ratified, 11 of our NATO allies, including nuclear powers Britain and
France.  But it can't go into effect unless the U.S. and the other
designated nations ratify it.  And, once again, we need American leadership
to protect American interests and to advance the peace of the world.
          I say again, we're spending $4.5 billion a year to protect the
security and reliability of the nuclear stockpile.  There is a reason that
Secretary Cohen and Secretary Richardson and our laboratory heads believe
that we can do this.  Once again I say the U.S. stopped testing in 1992.
What in the world would prevent us from trying to have a regime where we
want other people to join us in stopping testing?
          Let me just give one example.  Last year, the nuclear tests by
India and Pakistan shook the world.  After those tests occurred, they had a
serious confrontation along the line of control in Kashmir.  I spent our
Independence Day, the 4th of July, meeting with the Pakistani Prime
Minister and his senior government officials in an intense effort to try to
help defuse the situation.
          Now, both of these countries have indicated they will sign this
treaty.  If our Senate defeats it, do you think they'll sign it?  Do you
think they'll ratify it?  Do you think for a minute that they will forgo
further tests if they believe that the leading force in the world for
nuclear nonproliferation has taken a u-turn?       If our Senate defeats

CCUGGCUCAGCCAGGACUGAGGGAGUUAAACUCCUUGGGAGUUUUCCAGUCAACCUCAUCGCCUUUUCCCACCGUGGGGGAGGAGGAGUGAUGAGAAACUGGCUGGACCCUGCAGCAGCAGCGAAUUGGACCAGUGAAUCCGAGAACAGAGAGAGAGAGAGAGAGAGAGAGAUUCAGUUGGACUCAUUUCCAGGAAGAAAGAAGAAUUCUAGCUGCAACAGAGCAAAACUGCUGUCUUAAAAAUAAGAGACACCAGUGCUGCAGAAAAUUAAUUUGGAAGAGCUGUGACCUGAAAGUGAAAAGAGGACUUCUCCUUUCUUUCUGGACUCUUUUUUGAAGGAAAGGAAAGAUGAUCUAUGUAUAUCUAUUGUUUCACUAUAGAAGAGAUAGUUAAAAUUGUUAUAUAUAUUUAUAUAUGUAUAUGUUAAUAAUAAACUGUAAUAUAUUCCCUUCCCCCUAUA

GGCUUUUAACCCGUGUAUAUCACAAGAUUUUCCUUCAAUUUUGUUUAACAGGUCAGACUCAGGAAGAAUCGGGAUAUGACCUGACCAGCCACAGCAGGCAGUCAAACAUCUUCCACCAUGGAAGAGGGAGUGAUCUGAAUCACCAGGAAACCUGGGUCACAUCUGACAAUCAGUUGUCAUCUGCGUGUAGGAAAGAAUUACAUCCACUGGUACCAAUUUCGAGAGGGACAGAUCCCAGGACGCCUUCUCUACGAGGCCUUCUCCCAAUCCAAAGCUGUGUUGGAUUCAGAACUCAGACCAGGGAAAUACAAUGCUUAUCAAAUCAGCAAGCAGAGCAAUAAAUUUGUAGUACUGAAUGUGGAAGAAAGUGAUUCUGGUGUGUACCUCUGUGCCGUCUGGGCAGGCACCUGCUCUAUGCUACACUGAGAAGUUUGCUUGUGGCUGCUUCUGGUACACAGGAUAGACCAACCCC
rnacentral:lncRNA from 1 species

the treaty, will it encourage the Russians, the Chinese and others to
refrain from trying to find and test new, more sophisticated, more
destructive nuclear weapons?  Or will it give them a green light?
          Now, I said earlier we've been working with Congress on missile
defense to protect us from a nuclear attack should one ever come.  I
support that work.  And if we can develop a system we think will work, we
owe it to the American people to work with the Russians and others to
figure out a way to give our people the maximum protection.  But our first
line of defense should be preventing countries from having those weapons in
the first place.
          It would be the height of irresponsibility to rely on the last
line of defense; to say, we're not going to test, you guys test, and we're
in a race to get up a missile defense, and we sure hope it will work if the
wheels run off 30 or 40 years from now.  This argument doesn't hold water.
          People say, well, but somebody might cheat.  Well, that's true,
somebody might cheat.  Happens all the time, in all regimes.  Question is,
are we more likely to catch them with the treaty, or without?
          You all know -- and I am confident that people on the Hill have
to know -- that this test ban treaty will strengthen our ability to
determine whether or not nations are involved in weapons activities.
You've heard the 300 sensors mentioned.  Let me tell you what that means in
practical terms.  If this treaty goes into effect, there will be 31 sensors
in Russia, 11 in China, 17 in the Middle East alone, and the remainder of
the 300-plus in other critical places around the world.  If we can find